He'll look at you with a quizzical expression. He won't know what you're talking about. He'll ask you to explain.


But, ask a woman. She'll know the exact day, date and hour. It may have even been this morning!


It’s a scientifically proven fact that a woman is weaker than a man. When compared to a man of similar stature, a woman’s muscles and bones are not as strong. So, it may be our lack of physical strength that determines we need to feel safety within a group – or with an individual who will help make us feel safe. When we don’t feel safe, we worry. What do we do when we worry? We chatter.


If you find this hard to believe, then think back, say 40,000 years, when we were called those oh so familiar ‘hunters and gatherers’. If women were typically the gatherers and men were typically the hunters, it would therefore mean that women were the worriers and men the warriors. While the hunters were away, the gatherers would need to survive in the bush, without the protection of the big strong hunter.


We needed to figure out a way to survive on our own. If some nice big cuddly tiger came after us (and our baby), there was no way we were going to cosy up and win that battle. So, we had the good sense to stay in groups. Big groups. Groups where we felt safe.


To remain part of the group, we had to chatter. Chatter scared the horrible beasties away from the bushes as we gathered the fruit and veg for that evening’s dinner. The chatter was a method we used to warn – to tell the beasties in the bush of our approach. From this, you can see why women’s lives (and the lives of the group we belonged to) depended on it.


Bring that chattering trait forward some 40,000 years – to today - and ask why we chatter and gossip now? We don’t have to be part of the group. In fact, we can live quite nice lives, all on our own-some. And we certainly don’t have to scare the beasties away anymore. Or do we?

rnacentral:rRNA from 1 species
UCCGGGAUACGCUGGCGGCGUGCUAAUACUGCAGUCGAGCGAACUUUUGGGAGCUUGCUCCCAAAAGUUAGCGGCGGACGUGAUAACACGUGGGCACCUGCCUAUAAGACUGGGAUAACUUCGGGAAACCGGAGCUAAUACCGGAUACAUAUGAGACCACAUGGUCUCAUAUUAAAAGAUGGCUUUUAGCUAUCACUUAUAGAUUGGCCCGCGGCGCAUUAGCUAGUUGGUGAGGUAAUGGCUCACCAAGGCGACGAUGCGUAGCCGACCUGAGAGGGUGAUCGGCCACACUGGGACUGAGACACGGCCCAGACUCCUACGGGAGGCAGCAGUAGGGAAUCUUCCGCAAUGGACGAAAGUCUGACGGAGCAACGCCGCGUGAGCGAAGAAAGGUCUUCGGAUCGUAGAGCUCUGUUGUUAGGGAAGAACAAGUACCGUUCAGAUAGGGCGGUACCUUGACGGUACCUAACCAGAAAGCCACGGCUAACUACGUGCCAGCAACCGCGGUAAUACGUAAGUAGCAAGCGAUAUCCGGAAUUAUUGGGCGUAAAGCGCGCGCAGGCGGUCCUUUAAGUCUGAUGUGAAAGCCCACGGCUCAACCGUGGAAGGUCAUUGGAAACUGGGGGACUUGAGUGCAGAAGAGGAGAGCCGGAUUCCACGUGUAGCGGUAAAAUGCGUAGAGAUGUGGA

There’s actually a scientific reason for the nature of chattering. Somewhere along the line, chattering turned into gossip and nothing bonds a group more than gossiping about something or someone else.


Forty thousand years ago, when we depended upon the group, not indulging in gossip was dangerous, whereas, taking part in it helped a women to survive. It still does (to a lesser extent) today. If a woman doesn’t indulge in gossip, or agree with another person within that group, what happens to her? She’s out of the ‘clique’. She’s not part of the group. You've got to admit, you've seen it. Maybe at school, or at work or in your neighbourhood.


Is this where the anxiety stems from? The worrisome ruminating that looks remarkably like depression? That awful stress response we don’t know how to deal with - except breathe? Maybe it’s because the animal instincts (our emotions) are telling us that we are frightened of something?


Anxiety, or stress, in itself is not a bad thing – if used wisely. Sports and business-folk use stress wisely when they are attempting to achieve a target or goal. Anxiety is the body’s chemical response to a stressful situation. Anxiety is most certainly not a sign of weakness. It’s the animal instinct that tells us something is not quite right. It’s a natural warning signal that we shouldn’t really ignore.